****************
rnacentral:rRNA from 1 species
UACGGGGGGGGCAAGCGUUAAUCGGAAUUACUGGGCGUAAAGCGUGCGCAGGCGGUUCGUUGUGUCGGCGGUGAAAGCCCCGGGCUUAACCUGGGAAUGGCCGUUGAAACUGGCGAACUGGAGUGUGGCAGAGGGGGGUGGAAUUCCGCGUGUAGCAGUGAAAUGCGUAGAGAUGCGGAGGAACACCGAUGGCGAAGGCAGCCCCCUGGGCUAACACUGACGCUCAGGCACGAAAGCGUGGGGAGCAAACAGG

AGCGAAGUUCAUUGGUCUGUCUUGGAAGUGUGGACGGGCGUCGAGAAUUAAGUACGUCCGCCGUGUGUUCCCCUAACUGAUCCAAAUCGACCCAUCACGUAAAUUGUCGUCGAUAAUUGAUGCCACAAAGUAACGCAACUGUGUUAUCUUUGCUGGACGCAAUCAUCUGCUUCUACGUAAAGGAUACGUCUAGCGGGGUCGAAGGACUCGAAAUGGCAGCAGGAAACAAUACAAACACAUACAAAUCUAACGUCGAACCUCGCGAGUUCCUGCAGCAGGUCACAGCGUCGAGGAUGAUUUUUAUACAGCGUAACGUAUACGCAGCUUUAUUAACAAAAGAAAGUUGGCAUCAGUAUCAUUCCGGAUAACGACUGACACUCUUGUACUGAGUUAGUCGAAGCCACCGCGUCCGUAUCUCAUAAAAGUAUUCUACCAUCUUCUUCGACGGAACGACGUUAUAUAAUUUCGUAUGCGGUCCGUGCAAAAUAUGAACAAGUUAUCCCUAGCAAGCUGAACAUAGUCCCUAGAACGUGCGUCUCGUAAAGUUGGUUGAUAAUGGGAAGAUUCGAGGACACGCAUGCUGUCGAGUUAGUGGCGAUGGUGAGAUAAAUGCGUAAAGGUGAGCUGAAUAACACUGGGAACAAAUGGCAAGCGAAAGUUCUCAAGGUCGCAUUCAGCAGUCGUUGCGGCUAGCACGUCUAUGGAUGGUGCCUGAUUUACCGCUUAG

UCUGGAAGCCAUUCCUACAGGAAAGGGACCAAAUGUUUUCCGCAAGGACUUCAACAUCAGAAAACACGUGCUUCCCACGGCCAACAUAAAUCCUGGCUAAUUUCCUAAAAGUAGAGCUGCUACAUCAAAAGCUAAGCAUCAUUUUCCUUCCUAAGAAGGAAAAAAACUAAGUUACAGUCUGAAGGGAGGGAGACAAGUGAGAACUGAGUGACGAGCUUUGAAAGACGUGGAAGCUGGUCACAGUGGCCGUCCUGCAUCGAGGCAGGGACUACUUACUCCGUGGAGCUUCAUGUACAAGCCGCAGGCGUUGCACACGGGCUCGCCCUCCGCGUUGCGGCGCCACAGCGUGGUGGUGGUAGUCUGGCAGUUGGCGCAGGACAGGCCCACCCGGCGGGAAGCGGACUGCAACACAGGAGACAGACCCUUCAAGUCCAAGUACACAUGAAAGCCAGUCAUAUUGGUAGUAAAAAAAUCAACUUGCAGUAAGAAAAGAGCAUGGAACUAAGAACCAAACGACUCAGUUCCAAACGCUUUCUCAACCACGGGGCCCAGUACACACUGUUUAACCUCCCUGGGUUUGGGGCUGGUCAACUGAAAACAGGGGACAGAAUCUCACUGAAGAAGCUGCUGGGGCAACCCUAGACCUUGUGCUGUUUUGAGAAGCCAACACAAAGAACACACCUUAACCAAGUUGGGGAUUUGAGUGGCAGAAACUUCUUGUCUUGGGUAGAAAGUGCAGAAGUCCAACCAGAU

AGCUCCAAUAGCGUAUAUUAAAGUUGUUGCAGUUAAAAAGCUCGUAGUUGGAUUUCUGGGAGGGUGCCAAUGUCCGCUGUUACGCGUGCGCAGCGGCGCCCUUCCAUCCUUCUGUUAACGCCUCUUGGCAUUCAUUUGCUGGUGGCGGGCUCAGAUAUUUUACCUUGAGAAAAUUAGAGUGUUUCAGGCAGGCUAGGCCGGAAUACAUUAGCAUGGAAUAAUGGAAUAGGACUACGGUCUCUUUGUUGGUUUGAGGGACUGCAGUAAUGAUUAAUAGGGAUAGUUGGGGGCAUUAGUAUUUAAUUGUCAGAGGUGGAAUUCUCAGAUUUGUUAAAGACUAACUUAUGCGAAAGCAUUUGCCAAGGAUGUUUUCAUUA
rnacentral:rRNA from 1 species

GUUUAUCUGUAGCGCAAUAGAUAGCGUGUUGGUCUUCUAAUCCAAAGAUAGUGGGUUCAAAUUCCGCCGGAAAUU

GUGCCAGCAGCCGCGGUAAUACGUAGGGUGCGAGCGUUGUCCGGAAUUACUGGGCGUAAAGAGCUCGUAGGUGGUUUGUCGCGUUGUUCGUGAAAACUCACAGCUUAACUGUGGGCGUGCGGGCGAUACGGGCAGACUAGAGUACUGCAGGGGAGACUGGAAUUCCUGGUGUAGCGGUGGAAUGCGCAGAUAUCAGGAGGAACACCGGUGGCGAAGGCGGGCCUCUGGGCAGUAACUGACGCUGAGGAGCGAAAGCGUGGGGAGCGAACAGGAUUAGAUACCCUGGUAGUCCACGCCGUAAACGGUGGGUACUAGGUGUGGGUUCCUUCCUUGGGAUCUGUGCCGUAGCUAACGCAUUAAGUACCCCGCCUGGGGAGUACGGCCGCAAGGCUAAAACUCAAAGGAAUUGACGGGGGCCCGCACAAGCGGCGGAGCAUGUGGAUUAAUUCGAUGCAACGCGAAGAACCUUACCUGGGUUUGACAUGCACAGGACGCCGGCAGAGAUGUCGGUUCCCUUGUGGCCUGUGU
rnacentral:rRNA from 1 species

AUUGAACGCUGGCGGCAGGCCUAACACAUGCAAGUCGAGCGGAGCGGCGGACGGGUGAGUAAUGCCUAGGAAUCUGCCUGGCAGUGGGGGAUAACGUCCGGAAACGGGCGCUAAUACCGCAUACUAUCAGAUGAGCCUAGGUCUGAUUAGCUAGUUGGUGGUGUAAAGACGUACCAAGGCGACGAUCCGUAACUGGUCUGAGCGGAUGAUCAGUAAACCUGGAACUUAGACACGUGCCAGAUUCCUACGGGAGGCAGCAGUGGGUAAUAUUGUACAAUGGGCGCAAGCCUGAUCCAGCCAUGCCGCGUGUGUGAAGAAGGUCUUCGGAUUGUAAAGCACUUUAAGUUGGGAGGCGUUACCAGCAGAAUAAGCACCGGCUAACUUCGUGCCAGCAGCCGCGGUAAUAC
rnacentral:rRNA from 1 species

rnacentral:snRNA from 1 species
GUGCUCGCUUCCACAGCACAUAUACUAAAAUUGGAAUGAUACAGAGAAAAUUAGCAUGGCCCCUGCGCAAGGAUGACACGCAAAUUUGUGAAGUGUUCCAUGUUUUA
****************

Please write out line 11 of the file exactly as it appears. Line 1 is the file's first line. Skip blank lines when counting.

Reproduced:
rnacentral:rRNA from 1 species